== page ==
Christ is the one who profoundly delights and satisfies, doing for us
what no one else can and imparting to us what no one can ever take away.
our Lord most profoundly gladdens us through the blessing of his shed
blood, the apostles, together with the church after them, have
associated wine with blood. In
fact the church hasn’t hesitated to speak of eating Christ’s body
and drinking his blood. This
isn’t surprising, since Jesus himself said that he abides in us and we
in him only as we drink his blood. (John 6:54)
What did he mean? What
did he mean, in view of the fact that Jewish people abhor drinking blood
as they abhor little else? The
Torah forbids them to drink blood, and they take such precautions with
kosher meat as to ensure that they don’t eat or drink blood.
At the last supper, when Jesus took the cup and declared to the
disciples, “This is God’s covenant with you renewed in my blood,”
the one thing that his disciples never thought they were doing was
literally drinking his blood. The
thought of it would have sickened them.
It so happens that among the Israelite people to “shed blood”
meant to murder. Murder was
reprehensible. It so happens that among the Israelite people to “drink
blood” meant to murder and to profit from the foul deed.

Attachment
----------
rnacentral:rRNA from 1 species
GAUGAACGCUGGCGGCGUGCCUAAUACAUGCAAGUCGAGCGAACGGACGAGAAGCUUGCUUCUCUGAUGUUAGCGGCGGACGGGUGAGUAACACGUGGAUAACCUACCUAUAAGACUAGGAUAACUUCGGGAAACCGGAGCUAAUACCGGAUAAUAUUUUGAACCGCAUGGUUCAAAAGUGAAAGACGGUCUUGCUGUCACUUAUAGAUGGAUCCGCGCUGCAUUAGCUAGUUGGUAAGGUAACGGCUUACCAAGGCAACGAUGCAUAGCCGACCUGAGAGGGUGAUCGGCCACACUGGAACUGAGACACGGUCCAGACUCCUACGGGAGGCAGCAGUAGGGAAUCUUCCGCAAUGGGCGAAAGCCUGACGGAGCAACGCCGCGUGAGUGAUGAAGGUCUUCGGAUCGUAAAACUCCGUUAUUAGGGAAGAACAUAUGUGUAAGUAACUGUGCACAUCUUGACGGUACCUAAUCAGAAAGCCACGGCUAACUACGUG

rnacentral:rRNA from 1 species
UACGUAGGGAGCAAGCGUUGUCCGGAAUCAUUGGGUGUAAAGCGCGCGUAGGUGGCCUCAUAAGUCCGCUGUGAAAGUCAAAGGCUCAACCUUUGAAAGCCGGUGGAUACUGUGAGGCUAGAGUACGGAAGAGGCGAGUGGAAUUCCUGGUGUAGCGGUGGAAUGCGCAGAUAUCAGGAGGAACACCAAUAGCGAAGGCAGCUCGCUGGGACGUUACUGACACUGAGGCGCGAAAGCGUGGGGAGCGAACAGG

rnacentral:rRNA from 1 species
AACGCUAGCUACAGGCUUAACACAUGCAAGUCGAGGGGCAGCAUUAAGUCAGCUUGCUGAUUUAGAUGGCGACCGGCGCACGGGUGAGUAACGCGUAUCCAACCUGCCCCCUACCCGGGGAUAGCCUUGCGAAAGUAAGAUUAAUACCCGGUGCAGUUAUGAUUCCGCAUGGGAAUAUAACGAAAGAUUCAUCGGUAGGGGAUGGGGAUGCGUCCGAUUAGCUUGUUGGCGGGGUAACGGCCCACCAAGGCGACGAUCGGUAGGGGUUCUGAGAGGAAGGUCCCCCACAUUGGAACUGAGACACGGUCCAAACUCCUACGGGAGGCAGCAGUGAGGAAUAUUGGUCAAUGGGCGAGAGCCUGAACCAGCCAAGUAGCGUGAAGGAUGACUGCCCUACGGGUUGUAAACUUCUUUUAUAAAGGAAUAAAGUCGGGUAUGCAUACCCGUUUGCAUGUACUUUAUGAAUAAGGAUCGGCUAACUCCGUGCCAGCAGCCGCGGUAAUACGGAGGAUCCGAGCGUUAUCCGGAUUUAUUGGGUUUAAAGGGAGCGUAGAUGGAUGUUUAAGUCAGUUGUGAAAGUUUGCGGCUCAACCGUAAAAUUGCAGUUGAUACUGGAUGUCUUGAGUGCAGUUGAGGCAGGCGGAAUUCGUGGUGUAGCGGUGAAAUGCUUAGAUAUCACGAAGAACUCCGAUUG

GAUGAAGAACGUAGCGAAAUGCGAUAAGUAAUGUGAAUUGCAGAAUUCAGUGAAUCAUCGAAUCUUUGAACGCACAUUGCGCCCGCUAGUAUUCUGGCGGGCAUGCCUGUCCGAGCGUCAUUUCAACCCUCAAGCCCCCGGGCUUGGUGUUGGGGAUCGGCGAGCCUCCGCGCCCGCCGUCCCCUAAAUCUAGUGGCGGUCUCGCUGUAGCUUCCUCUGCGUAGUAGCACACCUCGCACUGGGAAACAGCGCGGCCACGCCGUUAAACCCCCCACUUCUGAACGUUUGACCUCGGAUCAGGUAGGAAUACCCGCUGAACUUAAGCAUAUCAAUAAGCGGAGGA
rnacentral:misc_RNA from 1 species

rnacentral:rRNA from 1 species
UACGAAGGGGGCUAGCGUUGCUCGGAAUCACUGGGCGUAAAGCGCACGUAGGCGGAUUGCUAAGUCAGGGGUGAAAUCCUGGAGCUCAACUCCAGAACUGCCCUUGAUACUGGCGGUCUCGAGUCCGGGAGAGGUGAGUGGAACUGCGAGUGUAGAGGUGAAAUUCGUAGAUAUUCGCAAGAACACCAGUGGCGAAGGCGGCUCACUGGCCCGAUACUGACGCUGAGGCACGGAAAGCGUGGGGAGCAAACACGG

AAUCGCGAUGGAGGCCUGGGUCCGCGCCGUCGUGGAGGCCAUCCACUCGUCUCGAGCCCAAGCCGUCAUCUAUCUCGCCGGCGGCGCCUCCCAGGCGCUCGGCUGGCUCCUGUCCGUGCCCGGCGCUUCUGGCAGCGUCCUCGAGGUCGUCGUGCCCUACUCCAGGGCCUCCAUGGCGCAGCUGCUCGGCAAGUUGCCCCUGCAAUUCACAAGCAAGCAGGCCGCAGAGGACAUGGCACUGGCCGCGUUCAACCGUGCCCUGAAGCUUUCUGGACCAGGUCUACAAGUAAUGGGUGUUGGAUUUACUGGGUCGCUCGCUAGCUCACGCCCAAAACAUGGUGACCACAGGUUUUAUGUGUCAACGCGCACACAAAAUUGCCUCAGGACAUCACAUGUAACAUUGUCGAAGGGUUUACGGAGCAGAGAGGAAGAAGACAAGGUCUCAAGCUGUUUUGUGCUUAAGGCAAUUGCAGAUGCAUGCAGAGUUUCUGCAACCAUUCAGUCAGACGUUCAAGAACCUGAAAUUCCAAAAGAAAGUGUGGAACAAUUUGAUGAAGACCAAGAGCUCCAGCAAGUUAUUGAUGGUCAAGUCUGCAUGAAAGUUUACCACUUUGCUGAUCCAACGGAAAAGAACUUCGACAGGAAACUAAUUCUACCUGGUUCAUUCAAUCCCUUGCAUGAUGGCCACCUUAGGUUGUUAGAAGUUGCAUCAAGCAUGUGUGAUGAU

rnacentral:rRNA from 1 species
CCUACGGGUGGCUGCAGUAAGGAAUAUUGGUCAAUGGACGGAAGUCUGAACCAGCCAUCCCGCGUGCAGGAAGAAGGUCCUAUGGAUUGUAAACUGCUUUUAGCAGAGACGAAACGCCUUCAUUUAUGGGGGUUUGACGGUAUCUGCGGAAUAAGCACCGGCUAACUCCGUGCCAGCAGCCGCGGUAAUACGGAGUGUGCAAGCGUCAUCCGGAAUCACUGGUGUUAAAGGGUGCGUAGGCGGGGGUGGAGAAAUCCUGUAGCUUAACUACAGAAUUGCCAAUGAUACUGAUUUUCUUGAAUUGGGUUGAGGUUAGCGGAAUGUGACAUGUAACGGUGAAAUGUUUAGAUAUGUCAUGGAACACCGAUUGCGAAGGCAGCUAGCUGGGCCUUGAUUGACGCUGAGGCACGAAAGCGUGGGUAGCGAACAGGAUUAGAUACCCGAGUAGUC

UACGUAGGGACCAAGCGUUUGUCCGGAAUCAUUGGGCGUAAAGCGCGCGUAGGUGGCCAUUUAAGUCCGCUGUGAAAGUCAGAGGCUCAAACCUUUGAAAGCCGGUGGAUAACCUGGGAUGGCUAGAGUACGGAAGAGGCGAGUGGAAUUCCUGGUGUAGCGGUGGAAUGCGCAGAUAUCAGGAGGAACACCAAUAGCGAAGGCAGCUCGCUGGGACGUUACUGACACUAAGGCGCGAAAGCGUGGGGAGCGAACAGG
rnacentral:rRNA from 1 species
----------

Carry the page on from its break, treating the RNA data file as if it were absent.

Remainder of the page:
While it’s dreadful to murder, it’s worse to murder and then
profit from the murder.
When Jesus tells us that we are going to drink his blood, he
means that our sin is going to do him in.
Humankind’s sin, collapsing on him, will crush him to death.
And humankind’s sin, crushing him to death, he will gladly bear
and bear away for our sakes, thereby giving us life.
We kill, and we profit from it.
We shed blood and we drink blood.
In the paradoxical mystery of God’s grace, the treachery of the
human heart, culminating in murder, the murder of the Son of God; this
becomes the means of our forgiveness and freedom.
Let me say it again. In
the paradoxical mystery of God’s grace, human treachery (the cross)
becomes the means whereby human treachery is pardoned and purged.
Plainly we do drink our Lord’s blood.
Then let us come to Christ’s table now, for as he invites us to
drink wine with him, the fruit of the vine, he invites us to drink again
that blood which we have already drunk in any case.
And he invites us to eat bread with him, and therein know afresh
that he, and he alone, is now and ever will be the bread of life.